Thousand Waves Martial Arts and Self-Defense Center will offer a free workshop entitled "Bystander Intervention and Self-Defense for Prevention of Identity-Based Violence" on Sunday, January 15th, from 1:30 until 4:30 PM at its Lakeview Center.
Thousand Waves has been offering empowerment-based self-defense instruction for over 30 years. They use a model called the "Five Fingers of Self-Defense: Think Yell Run Fight Tell" to structure their trainings. Thousand Waves' self-defense trainings are unique in their emphasis on teaching techniques to prevent physical violence, paired with physical resistance techniques.
Students practice using assertive speech and body language to present themselves as strong when interacting with strangers, acquaintances, and people they know well. "The same techniques of assertiveness that are effective self-defense are also effective when used on behalf of someone else," says founder Nancy Lanoue. "The techniques are simple, but not easy — especially for those who have been socialized to be more passive. But with practice, anyone can learn them."
In cases of identity-based harassment, students are coached to first consider the environment and their own safety, and to consider various options for intervening —by calling authorities, allying with the intended target, or directly confronting the attacker.
Alongside role play practice using verbal assertiveness to interrupt harassment and prevent physical violence, workshop participants will also practice delivering physical strikes designed to be effective against larger, stronger assailants. The techniques use what Thousand Waves calls "natural weapons" — the heels of the palm and the foot, the side of the fist — that are easy to learn and naturally strong; students are trained to target vulnerable areas on an assailant's body. "Taking out the knee creates mechanical compliance," says Becky Kidd, another self-defense instructor, by way of example. "If you injure the knee, they're not running after you. They can't."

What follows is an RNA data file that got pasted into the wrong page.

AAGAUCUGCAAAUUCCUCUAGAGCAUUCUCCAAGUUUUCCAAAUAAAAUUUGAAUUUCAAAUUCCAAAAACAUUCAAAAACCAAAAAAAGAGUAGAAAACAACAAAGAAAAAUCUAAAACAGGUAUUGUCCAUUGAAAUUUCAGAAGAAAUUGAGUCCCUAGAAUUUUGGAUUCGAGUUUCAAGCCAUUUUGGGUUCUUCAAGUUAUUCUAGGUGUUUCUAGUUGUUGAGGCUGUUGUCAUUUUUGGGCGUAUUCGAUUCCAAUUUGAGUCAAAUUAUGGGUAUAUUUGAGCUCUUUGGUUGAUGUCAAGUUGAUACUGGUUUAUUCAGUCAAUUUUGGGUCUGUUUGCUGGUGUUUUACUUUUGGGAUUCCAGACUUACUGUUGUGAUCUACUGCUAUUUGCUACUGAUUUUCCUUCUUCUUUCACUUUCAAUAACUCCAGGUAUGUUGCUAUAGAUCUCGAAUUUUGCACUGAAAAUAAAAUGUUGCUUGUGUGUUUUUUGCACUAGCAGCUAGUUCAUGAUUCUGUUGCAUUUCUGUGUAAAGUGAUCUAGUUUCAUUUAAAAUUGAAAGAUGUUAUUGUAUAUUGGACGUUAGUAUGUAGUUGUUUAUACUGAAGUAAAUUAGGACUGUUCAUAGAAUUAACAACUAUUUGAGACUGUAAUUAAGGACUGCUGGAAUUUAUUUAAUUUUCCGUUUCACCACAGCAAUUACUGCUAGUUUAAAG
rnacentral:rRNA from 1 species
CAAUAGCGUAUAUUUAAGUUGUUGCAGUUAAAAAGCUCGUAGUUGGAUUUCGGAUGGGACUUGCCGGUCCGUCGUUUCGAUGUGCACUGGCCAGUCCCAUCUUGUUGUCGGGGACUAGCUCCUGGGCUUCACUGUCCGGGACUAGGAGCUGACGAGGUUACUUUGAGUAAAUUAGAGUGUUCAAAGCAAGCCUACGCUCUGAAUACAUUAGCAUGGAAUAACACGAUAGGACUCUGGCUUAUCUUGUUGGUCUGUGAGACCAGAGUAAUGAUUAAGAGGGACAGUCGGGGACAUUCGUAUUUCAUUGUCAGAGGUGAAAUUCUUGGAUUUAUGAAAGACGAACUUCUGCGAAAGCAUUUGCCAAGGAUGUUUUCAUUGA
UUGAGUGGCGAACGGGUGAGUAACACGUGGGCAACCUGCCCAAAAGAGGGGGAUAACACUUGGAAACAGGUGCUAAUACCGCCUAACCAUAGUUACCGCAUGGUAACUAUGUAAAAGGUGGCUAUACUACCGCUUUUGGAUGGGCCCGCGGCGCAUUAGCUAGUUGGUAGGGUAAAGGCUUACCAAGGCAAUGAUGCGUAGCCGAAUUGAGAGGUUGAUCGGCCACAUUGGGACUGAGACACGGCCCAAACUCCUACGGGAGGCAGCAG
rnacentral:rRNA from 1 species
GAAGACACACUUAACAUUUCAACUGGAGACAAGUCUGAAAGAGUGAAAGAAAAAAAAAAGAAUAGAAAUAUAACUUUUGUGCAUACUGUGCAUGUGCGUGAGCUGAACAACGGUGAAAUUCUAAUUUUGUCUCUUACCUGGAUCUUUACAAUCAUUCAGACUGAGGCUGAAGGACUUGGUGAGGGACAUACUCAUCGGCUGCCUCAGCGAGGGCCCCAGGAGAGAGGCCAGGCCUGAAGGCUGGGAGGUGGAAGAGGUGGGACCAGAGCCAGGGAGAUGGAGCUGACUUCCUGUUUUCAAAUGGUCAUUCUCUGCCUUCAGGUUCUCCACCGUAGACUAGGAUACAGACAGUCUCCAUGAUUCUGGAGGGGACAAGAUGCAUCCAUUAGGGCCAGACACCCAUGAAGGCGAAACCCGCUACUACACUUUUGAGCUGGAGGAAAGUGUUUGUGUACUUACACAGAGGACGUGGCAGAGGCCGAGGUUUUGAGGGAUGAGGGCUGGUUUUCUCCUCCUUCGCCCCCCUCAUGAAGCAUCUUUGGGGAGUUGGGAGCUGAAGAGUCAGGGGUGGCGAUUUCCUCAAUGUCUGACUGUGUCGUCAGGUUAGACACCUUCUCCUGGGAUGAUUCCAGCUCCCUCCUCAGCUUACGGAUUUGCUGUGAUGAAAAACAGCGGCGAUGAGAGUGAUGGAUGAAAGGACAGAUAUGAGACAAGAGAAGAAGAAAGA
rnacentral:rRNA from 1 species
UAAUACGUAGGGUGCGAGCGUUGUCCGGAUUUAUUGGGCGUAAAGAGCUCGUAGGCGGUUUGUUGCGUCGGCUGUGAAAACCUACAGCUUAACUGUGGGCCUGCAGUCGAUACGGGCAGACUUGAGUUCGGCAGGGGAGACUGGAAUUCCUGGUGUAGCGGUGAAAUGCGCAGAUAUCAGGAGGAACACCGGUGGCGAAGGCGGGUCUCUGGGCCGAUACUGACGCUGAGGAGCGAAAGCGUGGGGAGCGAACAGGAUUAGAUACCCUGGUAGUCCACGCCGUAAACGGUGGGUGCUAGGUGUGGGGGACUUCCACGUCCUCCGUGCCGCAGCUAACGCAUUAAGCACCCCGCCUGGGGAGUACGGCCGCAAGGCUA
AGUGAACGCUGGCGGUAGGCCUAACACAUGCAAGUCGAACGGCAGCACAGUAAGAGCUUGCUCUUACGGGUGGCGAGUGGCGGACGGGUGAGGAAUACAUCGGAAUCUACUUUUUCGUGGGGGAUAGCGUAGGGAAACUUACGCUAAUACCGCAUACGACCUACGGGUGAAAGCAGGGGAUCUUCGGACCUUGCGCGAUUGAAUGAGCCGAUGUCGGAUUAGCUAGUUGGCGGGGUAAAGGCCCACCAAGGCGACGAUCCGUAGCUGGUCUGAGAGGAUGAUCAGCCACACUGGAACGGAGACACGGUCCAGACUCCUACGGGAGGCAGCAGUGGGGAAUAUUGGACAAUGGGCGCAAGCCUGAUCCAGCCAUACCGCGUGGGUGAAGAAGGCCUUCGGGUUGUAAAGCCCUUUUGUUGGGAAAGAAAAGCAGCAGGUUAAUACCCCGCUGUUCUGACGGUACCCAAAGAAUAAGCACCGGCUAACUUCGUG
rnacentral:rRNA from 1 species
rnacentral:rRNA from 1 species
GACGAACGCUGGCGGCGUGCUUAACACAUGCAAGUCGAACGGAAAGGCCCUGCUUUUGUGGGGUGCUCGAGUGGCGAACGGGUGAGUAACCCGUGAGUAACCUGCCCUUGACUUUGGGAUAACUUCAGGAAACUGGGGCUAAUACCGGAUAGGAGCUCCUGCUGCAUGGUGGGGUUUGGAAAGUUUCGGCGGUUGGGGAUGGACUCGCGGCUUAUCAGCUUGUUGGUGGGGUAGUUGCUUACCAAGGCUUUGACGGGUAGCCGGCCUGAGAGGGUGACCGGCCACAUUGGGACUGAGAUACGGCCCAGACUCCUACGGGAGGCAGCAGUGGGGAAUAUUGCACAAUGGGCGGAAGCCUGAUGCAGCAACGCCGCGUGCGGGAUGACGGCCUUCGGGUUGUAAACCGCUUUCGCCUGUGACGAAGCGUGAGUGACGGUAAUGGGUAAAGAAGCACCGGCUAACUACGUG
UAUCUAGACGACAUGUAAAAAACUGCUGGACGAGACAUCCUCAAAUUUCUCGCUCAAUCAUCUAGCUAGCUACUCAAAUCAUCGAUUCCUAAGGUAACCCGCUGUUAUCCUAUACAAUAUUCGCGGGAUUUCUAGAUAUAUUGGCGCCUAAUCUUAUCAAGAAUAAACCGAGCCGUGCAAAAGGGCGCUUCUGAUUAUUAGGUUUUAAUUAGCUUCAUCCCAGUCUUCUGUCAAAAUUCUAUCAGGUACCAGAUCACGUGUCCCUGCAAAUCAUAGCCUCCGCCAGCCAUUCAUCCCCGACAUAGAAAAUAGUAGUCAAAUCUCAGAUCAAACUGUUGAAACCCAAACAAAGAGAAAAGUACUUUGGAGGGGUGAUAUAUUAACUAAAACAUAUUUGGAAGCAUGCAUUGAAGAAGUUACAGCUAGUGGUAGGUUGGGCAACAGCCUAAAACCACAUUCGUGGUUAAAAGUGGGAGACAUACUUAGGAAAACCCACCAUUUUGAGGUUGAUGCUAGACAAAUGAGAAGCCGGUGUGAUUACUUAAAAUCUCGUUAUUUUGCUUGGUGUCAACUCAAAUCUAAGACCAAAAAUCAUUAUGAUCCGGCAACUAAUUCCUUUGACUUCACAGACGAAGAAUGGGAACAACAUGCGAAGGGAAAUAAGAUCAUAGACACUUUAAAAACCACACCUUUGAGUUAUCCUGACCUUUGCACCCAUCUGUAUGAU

Thousand Waves was moved to offer this workshop, and to offer it for free, because of an increase in inquiries following the November 9th election. "People are concerned," says Amy Jones, Violence Prevention and Self-Defense Program Manager. "They want to know what to do if they witness someone being targeted for harassment." Jones also cites a Southern Poverty Law Center report of more than 400 incidents of hate-based harassment in the weeks following the election ( www.splcenter.org/hatewatch/2016/11/15/update-more-400-incidents-hateful-harassment-and-intimidation-election ). This is the second workshop emphasizing bystander intervention that Thousand Waves has offered since the election — the first, offered in December, was fully enrolled with a waitlist.
Thousand Waves has recently released its 2017 calendar of self-defense trainings ( thousandwaves.org/self-defense/individuals ). There are no more workshops with a Bystander Intervention focus currently scheduled. "We're taking it workshop by workshop," says Amy Jones. "If the January one is full with a waitlist again, we'll see about adding another one."